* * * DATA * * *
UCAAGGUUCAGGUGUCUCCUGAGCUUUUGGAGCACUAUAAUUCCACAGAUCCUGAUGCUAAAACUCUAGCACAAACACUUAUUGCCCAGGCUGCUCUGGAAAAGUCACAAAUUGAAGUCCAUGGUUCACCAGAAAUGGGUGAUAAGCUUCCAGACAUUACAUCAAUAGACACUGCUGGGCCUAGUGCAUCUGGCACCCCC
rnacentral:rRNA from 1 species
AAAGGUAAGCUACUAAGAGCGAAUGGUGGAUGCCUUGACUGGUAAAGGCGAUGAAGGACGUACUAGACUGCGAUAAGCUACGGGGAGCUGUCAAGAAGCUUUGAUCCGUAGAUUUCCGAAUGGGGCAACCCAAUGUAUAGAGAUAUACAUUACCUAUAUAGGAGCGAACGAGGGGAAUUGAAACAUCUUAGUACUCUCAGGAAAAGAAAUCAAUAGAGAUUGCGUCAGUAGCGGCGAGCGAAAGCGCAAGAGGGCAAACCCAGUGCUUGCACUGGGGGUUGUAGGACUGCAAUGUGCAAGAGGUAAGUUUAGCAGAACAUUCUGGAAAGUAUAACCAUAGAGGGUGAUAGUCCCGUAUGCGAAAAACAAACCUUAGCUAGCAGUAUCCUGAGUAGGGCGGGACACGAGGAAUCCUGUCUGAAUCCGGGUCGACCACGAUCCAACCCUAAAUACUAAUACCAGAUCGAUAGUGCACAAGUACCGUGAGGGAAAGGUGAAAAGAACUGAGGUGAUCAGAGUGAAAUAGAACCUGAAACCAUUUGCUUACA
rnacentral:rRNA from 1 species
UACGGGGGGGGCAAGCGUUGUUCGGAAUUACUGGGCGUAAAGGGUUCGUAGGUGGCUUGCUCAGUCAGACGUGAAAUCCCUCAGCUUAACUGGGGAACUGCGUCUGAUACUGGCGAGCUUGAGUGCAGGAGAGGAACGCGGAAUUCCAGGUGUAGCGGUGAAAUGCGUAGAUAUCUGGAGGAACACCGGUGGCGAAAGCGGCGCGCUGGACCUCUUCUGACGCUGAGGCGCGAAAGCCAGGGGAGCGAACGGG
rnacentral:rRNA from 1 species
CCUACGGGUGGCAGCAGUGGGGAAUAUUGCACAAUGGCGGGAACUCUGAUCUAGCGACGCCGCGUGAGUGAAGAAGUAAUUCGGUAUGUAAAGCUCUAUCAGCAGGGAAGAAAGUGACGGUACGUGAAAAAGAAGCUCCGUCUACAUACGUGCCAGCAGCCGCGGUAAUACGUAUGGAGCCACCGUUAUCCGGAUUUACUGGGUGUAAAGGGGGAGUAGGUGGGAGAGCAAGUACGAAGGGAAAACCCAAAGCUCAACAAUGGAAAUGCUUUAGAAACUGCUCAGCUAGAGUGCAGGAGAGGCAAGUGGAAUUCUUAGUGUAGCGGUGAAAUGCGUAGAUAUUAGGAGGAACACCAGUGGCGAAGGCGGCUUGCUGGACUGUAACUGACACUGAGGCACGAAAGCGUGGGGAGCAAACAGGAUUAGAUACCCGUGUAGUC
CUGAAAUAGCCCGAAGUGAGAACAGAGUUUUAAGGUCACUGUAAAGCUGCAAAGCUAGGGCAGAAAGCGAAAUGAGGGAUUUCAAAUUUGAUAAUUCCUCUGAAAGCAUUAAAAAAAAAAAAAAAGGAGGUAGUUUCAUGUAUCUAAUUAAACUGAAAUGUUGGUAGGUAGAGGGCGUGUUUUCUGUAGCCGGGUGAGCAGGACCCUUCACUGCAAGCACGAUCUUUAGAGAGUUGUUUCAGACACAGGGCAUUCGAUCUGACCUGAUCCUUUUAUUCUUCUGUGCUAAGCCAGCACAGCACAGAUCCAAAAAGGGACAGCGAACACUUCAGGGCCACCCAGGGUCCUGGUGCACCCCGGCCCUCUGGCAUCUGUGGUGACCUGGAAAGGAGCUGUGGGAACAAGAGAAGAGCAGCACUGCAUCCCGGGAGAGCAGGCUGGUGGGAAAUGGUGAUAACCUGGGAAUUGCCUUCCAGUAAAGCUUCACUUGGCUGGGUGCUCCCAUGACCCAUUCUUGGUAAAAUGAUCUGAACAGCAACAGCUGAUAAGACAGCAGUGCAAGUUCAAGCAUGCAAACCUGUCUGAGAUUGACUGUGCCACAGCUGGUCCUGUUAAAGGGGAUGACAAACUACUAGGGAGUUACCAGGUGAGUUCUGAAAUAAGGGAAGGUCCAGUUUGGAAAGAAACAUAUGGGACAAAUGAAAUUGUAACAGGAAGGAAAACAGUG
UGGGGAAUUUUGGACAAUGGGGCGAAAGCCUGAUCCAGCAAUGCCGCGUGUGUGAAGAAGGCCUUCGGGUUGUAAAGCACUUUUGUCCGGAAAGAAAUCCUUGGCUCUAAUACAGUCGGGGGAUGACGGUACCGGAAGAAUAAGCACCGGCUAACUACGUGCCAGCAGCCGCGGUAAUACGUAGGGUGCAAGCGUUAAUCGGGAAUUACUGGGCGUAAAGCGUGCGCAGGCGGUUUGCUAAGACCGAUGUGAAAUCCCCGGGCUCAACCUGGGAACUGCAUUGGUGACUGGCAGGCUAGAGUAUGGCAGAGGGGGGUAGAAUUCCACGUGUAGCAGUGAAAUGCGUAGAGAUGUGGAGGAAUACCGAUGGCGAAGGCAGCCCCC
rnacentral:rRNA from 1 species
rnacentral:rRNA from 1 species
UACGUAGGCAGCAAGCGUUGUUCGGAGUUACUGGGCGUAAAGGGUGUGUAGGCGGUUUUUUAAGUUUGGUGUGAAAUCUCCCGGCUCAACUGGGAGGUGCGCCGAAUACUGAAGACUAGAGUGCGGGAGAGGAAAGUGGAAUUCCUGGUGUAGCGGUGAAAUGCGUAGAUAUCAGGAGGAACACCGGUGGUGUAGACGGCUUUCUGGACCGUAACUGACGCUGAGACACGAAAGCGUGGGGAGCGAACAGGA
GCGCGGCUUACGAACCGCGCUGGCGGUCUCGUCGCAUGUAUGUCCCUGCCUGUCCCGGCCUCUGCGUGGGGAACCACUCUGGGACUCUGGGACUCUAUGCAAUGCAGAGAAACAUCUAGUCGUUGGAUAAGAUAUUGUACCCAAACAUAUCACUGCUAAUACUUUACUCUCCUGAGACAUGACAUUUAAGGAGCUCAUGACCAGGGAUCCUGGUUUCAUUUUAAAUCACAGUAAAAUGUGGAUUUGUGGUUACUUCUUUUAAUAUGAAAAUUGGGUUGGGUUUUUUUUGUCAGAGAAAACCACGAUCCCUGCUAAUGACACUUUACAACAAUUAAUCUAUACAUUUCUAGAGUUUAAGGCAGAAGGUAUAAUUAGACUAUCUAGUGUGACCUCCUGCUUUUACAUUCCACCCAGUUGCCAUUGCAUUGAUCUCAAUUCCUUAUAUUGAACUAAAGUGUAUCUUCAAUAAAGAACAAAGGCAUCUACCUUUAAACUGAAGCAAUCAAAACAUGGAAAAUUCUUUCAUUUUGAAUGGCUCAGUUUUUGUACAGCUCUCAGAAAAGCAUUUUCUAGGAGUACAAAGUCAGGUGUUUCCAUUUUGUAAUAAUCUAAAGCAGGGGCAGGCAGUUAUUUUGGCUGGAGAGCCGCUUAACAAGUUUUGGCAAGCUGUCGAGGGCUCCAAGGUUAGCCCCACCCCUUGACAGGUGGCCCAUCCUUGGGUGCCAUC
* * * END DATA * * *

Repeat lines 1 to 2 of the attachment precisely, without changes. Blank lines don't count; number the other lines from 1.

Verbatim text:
UCAAGGUUCAGGUGUCUCCUGAGCUUUUGGAGCACUAUAAUUCCACAGAUCCUGAUGCUAAAACUCUAGCACAAACACUUAUUGCCCAGGCUGCUCUGGAAAAGUCACAAAUUGAAGUCCAUGGUUCACCAGAAAUGGGUGAUAAGCUUCCAGACAUUACAUCAAUAGACACUGCUGGGCCUAGUGCAUCUGGCACCCCC
rnacentral:rRNA from 1 species